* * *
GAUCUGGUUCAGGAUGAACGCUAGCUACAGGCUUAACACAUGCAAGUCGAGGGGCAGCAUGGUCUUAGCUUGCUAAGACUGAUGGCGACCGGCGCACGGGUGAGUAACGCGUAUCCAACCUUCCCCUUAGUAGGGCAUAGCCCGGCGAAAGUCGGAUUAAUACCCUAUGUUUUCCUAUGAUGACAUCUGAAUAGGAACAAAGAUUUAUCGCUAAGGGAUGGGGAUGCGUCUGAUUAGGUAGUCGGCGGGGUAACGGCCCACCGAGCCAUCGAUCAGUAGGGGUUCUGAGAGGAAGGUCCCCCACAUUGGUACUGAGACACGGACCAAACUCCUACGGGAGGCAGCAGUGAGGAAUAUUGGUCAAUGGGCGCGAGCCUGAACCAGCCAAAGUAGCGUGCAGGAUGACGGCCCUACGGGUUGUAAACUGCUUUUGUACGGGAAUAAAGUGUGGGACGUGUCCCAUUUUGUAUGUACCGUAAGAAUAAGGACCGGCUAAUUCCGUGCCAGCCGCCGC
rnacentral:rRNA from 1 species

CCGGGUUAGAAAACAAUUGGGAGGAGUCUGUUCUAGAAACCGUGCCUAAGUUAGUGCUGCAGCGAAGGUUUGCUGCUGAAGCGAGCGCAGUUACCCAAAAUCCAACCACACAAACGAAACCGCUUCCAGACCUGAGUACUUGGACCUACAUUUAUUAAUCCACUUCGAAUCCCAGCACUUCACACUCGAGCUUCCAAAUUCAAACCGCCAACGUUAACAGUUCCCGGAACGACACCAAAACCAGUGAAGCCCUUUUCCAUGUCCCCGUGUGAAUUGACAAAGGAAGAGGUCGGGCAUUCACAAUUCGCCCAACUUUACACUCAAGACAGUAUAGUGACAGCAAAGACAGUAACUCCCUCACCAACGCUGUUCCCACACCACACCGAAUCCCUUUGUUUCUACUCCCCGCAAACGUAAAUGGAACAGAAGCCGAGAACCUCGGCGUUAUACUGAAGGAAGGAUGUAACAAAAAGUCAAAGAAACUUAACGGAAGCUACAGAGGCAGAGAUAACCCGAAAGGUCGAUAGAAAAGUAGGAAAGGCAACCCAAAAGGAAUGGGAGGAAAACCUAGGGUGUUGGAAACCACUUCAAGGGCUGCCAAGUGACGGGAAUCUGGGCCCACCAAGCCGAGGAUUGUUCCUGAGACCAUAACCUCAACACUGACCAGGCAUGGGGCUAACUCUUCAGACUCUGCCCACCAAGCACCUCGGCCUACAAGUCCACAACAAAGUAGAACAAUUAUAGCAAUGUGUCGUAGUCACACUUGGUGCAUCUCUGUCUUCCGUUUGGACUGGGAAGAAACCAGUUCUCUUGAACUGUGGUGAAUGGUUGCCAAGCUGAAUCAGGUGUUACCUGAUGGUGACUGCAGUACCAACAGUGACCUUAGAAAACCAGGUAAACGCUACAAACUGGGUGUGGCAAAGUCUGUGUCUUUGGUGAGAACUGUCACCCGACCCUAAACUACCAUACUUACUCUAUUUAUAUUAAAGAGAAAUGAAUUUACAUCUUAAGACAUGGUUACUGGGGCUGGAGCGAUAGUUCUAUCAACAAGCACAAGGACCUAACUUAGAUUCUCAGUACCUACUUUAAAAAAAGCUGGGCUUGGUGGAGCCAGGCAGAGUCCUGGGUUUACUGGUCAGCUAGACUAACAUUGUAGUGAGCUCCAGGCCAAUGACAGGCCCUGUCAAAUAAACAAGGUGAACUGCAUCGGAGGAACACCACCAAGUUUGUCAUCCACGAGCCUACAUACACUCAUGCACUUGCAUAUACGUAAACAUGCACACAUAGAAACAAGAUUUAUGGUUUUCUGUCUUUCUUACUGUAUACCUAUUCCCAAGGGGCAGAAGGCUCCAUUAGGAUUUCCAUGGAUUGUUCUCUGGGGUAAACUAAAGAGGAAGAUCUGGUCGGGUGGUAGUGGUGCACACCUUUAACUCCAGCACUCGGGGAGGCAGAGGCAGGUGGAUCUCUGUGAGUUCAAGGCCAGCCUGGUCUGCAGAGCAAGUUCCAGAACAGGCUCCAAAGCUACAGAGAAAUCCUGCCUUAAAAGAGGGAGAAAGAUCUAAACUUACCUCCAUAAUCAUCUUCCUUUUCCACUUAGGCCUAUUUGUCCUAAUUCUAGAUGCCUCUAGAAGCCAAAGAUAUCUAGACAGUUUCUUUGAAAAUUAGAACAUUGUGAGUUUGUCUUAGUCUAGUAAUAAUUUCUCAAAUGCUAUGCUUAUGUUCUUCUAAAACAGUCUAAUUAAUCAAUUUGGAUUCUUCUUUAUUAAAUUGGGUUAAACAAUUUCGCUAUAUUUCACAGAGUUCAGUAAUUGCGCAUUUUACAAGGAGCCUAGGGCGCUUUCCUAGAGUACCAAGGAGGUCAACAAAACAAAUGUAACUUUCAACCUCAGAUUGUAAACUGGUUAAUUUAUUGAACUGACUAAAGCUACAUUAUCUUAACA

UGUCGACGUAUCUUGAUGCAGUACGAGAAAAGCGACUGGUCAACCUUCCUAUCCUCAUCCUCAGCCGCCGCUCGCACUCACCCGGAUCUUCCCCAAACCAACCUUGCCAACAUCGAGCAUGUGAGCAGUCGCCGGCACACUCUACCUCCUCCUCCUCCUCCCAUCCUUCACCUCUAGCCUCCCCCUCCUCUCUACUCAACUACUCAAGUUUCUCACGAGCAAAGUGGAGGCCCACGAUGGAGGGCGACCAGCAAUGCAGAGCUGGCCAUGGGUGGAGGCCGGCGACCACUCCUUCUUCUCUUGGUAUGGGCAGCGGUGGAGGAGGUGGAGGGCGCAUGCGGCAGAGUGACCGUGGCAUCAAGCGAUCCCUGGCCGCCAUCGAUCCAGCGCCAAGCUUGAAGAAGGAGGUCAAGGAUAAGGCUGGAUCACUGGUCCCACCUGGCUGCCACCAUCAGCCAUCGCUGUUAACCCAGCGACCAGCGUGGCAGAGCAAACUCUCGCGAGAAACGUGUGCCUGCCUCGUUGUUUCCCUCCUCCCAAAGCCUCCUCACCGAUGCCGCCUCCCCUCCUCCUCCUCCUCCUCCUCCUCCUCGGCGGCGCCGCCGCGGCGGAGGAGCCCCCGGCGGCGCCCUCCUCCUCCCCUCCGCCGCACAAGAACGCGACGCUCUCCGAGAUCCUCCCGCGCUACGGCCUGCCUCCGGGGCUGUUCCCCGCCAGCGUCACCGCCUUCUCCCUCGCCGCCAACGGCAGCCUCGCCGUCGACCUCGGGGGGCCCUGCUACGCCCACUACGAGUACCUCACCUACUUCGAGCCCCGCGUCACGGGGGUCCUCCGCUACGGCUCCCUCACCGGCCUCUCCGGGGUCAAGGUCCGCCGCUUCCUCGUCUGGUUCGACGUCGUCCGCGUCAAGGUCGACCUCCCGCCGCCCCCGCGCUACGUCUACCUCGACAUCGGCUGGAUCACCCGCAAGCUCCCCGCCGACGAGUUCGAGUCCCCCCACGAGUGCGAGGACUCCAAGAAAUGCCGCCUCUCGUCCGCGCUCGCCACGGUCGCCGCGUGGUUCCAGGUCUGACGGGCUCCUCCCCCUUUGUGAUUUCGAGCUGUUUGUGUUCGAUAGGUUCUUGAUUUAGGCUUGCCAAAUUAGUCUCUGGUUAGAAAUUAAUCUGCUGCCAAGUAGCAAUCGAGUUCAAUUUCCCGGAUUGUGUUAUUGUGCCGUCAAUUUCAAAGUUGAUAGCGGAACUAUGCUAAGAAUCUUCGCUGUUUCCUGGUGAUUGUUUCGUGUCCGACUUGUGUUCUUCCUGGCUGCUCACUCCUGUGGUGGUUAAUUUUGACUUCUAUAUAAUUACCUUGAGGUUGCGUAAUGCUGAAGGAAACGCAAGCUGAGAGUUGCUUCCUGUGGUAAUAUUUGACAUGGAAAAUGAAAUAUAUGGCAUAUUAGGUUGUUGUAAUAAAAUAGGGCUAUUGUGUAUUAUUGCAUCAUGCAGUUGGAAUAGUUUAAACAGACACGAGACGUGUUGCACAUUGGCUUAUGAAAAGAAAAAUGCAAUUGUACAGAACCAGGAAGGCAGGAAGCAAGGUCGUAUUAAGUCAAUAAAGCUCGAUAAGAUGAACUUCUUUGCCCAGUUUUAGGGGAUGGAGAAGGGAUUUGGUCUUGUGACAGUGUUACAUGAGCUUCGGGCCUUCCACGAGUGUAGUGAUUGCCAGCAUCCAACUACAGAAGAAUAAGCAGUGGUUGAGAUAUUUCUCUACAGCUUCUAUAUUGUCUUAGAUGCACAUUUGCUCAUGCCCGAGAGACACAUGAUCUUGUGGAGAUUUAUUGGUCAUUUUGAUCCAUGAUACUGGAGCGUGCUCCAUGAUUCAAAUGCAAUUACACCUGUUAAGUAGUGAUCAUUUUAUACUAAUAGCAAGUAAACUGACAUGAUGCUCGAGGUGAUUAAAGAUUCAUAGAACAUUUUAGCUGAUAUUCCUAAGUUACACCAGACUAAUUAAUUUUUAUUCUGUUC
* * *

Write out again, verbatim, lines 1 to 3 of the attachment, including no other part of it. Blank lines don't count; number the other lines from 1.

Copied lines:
GAUCUGGUUCAGGAUGAACGCUAGCUACAGGCUUAACACAUGCAAGUCGAGGGGCAGCAUGGUCUUAGCUUGCUAAGACUGAUGGCGACCGGCGCACGGGUGAGUAACGCGUAUCCAACCUUCCCCUUAGUAGGGCAUAGCCCGGCGAAAGUCGGAUUAAUACCCUAUGUUUUCCUAUGAUGACAUCUGAAUAGGAACAAAGAUUUAUCGCUAAGGGAUGGGGAUGCGUCUGAUUAGGUAGUCGGCGGGGUAACGGCCCACCGAGCCAUCGAUCAGUAGGGGUUCUGAGAGGAAGGUCCCCCACAUUGGUACUGAGACACGGACCAAACUCCUACGGGAGGCAGCAGUGAGGAAUAUUGGUCAAUGGGCGCGAGCCUGAACCAGCCAAAGUAGCGUGCAGGAUGACGGCCCUACGGGUUGUAAACUGCUUUUGUACGGGAAUAAAGUGUGGGACGUGUCCCAUUUUGUAUGUACCGUAAGAAUAAGGACCGGCUAAUUCCGUGCCAGCCGCCGC
rnacentral:rRNA from 1 species

CCGGGUUAGAAAACAAUUGGGAGGAGUCUGUUCUAGAAACCGUGCCUAAGUUAGUGCUGCAGCGAAGGUUUGCUGCUGAAGCGAGCGCAGUUACCCAAAAUCCAACCACACAAACGAAACCGCUUCCAGACCUGAGUACUUGGACCUACAUUUAUUAAUCCACUUCGAAUCCCAGCACUUCACACUCGAGCUUCCAAAUUCAAACCGCCAACGUUAACAGUUCCCGGAACGACACCAAAACCAGUGAAGCCCUUUUCCAUGUCCCCGUGUGAAUUGACAAAGGAAGAGGUCGGGCAUUCACAAUUCGCCCAACUUUACACUCAAGACAGUAUAGUGACAGCAAAGACAGUAACUCCCUCACCAACGCUGUUCCCACACCACACCGAAUCCCUUUGUUUCUACUCCCCGCAAACGUAAAUGGAACAGAAGCCGAGAACCUCGGCGUUAUACUGAAGGAAGGAUGUAACAAAAAGUCAAAGAAACUUAACGGAAGCUACAGAGGCAGAGAUAACCCGAAAGGUCGAUAGAAAAGUAGGAAAGGCAACCCAAAAGGAAUGGGAGGAAAACCUAGGGUGUUGGAAACCACUUCAAGGGCUGCCAAGUGACGGGAAUCUGGGCCCACCAAGCCGAGGAUUGUUCCUGAGACCAUAACCUCAACACUGACCAGGCAUGGGGCUAACUCUUCAGACUCUGCCCACCAAGCACCUCGGCCUACAAGUCCACAACAAAGUAGAACAAUUAUAGCAAUGUGUCGUAGUCACACUUGGUGCAUCUCUGUCUUCCGUUUGGACUGGGAAGAAACCAGUUCUCUUGAACUGUGGUGAAUGGUUGCCAAGCUGAAUCAGGUGUUACCUGAUGGUGACUGCAGUACCAACAGUGACCUUAGAAAACCAGGUAAACGCUACAAACUGGGUGUGGCAAAGUCUGUGUCUUUGGUGAGAACUGUCACCCGACCCUAAACUACCAUACUUACUCUAUUUAUAUUAAAGAGAAAUGAAUUUACAUCUUAAGACAUGGUUACUGGGGCUGGAGCGAUAGUUCUAUCAACAAGCACAAGGACCUAACUUAGAUUCUCAGUACCUACUUUAAAAAAAGCUGGGCUUGGUGGAGCCAGGCAGAGUCCUGGGUUUACUGGUCAGCUAGACUAACAUUGUAGUGAGCUCCAGGCCAAUGACAGGCCCUGUCAAAUAAACAAGGUGAACUGCAUCGGAGGAACACCACCAAGUUUGUCAUCCACGAGCCUACAUACACUCAUGCACUUGCAUAUACGUAAACAUGCACACAUAGAAACAAGAUUUAUGGUUUUCUGUCUUUCUUACUGUAUACCUAUUCCCAAGGGGCAGAAGGCUCCAUUAGGAUUUCCAUGGAUUGUUCUCUGGGGUAAACUAAAGAGGAAGAUCUGGUCGGGUGGUAGUGGUGCACACCUUUAACUCCAGCACUCGGGGAGGCAGAGGCAGGUGGAUCUCUGUGAGUUCAAGGCCAGCCUGGUCUGCAGAGCAAGUUCCAGAACAGGCUCCAAAGCUACAGAGAAAUCCUGCCUUAAAAGAGGGAGAAAGAUCUAAACUUACCUCCAUAAUCAUCUUCCUUUUCCACUUAGGCCUAUUUGUCCUAAUUCUAGAUGCCUCUAGAAGCCAAAGAUAUCUAGACAGUUUCUUUGAAAAUUAGAACAUUGUGAGUUUGUCUUAGUCUAGUAAUAAUUUCUCAAAUGCUAUGCUUAUGUUCUUCUAAAACAGUCUAAUUAAUCAAUUUGGAUUCUUCUUUAUUAAAUUGGGUUAAACAAUUUCGCUAUAUUUCACAGAGUUCAGUAAUUGCGCAUUUUACAAGGAGCCUAGGGCGCUUUCCUAGAGUACCAAGGAGGUCAACAAAACAAAUGUAACUUUCAACCUCAGAUUGUAAACUGGUUAAUUUAUUGAACUGACUAAAGCUACAUUAUCUUAACA